I've tried to grow flytraps numerous times in my youth and failed each time...mostly I attribute to living in Texas.  So, after moving to NJ I decided to once again try my luck.  Fortunately I've had much better luck.

Here are the plants in April 2002
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Here are the same plants in August, 2003
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After trying to micromanage the plants in Texas, I decided to take a more hands off approach this time.  So I basically didn't try to feed it or repot it.  I just made sure it had light and watered it every other day.  So far the plant has been growing over a year and from everything I can tell is doing great.

My plants this year flowered, and again with the hands off approach let nature take its course but tried to pollinate it.  I didn't have much luck but I did get 4 tiny seeds out of it.
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And it doesn't look like its slowed down the growth of the plant at all.

So, my questions are:

1.  Does it look like my plants needs to be repotted?  If so, is it too late in the season to do it?  I've got limited space on the window sill, but I'm willing to try if its necessary.

2.  Is it too late to try to sow the seeds?
 
welcome to the forums! it's always nice to see new faces here!

</span><table border="0" align="center" width="95%" cellpadding="3" cellspacing="1"><tr><td>Quote </td></tr><tr><td id="QUOTE">1.  Does it look like my plants needs to be repotted?  If so, is it too late in the season to do it?  I've got limited space on the window sill, but I'm willing to try if its necessary.[/QUOTE]<span id='postcolor'>

are there roots coming out of the bottom of the pot?  i find with my own vft's, that if i repot them into a bigger pot, they produce more off shoots, and less "larger" traps.  i have had this happen to 3 different plants this year.

generally, you don't want to repot vft's while they are actively growing, as the root system doesn't really like to be handled too much.  now, what you could do is, take all of the soil and the plant out of the old pot in one clump, and pot that into a larger pot, and fill in around the sides with fresh soil (a 50/50 mix of pearlite and sphagnum moss works great).  if there isn't a slow down in growth or roots coming out of the bottom, or an obvious decline in the health of the plant, i would leave it be.



hope this helps!

peace,
technoracer
 

FlytrapGurl

apple rings.. what more can i say?
</span><table border="0" align="center" width="95%" cellpadding="3" cellspacing="1"><tr><td>Quote (jhaluska @ Aug. 02 2003,12:10)</td></tr><tr><td id="QUOTE">2.  Is it too late to try to sow the seeds?[/QUOTE]<span id='postcolor'>
No, you can safely sow them now! I'll walk you through it...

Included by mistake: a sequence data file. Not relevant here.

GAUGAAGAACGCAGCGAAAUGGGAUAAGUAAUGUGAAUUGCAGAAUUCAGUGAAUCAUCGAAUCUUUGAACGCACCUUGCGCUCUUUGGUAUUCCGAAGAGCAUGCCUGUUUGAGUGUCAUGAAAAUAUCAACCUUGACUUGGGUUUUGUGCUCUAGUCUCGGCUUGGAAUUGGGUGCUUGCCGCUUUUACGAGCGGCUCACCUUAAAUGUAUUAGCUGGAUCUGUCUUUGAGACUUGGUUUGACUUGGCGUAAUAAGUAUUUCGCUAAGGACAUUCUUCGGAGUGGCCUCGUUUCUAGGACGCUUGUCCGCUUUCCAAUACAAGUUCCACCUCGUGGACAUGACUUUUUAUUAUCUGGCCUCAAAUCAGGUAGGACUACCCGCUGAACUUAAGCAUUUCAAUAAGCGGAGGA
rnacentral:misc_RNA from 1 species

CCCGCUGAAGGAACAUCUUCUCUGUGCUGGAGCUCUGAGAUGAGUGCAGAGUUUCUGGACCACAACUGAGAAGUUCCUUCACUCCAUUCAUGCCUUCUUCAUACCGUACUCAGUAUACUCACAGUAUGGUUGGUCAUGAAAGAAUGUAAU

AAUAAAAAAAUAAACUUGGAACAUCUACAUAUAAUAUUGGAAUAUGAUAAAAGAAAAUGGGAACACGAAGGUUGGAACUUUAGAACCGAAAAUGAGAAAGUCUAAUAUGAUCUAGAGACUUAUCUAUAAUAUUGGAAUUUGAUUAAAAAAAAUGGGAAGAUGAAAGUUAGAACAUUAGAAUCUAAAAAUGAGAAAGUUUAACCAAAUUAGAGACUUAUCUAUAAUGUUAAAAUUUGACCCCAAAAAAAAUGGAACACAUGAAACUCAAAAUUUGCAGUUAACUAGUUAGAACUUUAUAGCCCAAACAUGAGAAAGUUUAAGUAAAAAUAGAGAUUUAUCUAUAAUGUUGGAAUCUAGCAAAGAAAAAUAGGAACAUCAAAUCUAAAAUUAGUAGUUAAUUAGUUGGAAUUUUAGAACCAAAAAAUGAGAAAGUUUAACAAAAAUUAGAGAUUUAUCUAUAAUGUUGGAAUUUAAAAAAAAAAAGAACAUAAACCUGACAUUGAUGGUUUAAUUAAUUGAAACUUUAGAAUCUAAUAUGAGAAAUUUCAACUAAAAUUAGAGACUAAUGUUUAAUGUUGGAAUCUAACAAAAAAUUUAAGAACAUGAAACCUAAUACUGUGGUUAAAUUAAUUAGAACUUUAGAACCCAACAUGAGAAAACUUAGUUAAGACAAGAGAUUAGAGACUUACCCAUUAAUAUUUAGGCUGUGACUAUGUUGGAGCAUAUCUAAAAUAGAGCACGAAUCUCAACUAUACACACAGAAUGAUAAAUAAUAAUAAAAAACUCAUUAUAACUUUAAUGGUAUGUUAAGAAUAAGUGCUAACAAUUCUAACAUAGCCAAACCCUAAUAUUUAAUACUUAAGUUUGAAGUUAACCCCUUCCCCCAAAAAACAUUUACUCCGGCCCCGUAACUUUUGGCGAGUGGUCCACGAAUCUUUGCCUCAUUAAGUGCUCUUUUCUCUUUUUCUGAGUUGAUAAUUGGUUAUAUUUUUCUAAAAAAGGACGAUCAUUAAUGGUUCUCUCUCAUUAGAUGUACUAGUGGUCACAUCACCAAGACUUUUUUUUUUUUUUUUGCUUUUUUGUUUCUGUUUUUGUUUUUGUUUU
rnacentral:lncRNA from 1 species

• Put a 50/50 mix of peat moss and silica sand (some playsands are sterilized silica sand) in any size pot with drainage holes. TIP: coffee filters placed in the bottom of the pot work well in keeping the soil from coming out through the holes! Oh, and make sure you wet the soil plenty with distilled, RO, or rain water after putting it in the containers! The soil must be nice and moist for the seeds!

• Simply place the seeds on the surface of the soil, not buried or anything, just on the surface, evenly spaced about an inch. The seeds will send down roots from there.

• Water with the tray system the same way you would water adult plants.

• In about six weeks, you will see tiny green sprouts. Give them direct sun and plenty of water. For the first year, the traps will only grow to be a few millimeters long! When your seedlings have around five fully developed, fully functioning traps, you can transplant them into different pots, if you're planning on it. You can just leave them in the same pot if you want.

What I did with my seeds (I'm growing 60 seeds from two plants right now! ) was: I first collected fifteen clean Mott's Applesause plastic containers and burned drainage holes in the bottom of each. I put a trimmed coffee filter in the bottom of each, to keep soil from falling through, and put a 50/50 mix of peat and silica sand in the containers and put four seeds in each container on the surface of the soil. I put all the containers together in two huge watering trays and I put distilled water in each tray. I give them a couple hours of direct sun each day, and I keep them out on my screened-in back porch, where the wind isn't so strong (I'm soooo paranoid!!! I'm afraid the seeds will blow off if they aren't sheltered from strong winds). Once they sprout and start growing well, I'm going to transplant them all into one huge pot! Niiiiiiiice!!!

Good luck and I hope this helps!
                                        FTG
 

Cynic81

Frakkin Toaster
about the seeds, I know you should cold-stratify them to make them viable. That involves wrapping them in a damp paper towel and sticking them in the fridge for about a week, right? Please correct me if I'm wrong.